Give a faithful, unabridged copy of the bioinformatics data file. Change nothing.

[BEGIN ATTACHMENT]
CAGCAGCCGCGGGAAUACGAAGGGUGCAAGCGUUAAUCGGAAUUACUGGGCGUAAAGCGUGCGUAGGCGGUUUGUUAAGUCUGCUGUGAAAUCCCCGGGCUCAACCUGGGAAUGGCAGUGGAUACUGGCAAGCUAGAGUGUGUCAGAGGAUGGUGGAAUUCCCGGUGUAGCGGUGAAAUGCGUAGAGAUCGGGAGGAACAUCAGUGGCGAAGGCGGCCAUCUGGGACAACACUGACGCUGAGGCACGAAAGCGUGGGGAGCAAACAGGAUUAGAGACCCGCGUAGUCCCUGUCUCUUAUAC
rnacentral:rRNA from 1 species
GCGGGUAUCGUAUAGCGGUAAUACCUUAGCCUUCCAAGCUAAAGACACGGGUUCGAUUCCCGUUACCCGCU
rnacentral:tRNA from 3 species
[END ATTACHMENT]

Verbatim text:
CAGCAGCCGCGGGAAUACGAAGGGUGCAAGCGUUAAUCGGAAUUACUGGGCGUAAAGCGUGCGUAGGCGGUUUGUUAAGUCUGCUGUGAAAUCCCCGGGCUCAACCUGGGAAUGGCAGUGGAUACUGGCAAGCUAGAGUGUGUCAGAGGAUGGUGGAAUUCCCGGUGUAGCGGUGAAAUGCGUAGAGAUCGGGAGGAACAUCAGUGGCGAAGGCGGCCAUCUGGGACAACACUGACGCUGAGGCACGAAAGCGUGGGGAGCAAACAGGAUUAGAGACCCGCGUAGUCCCUGUCUCUUAUAC
rnacentral:rRNA from 1 species
GCGGGUAUCGUAUAGCGGUAAUACCUUAGCCUUCCAAGCUAAAGACACGGGUUCGAUUCCCGUUACCCGCU
rnacentral:tRNA from 3 species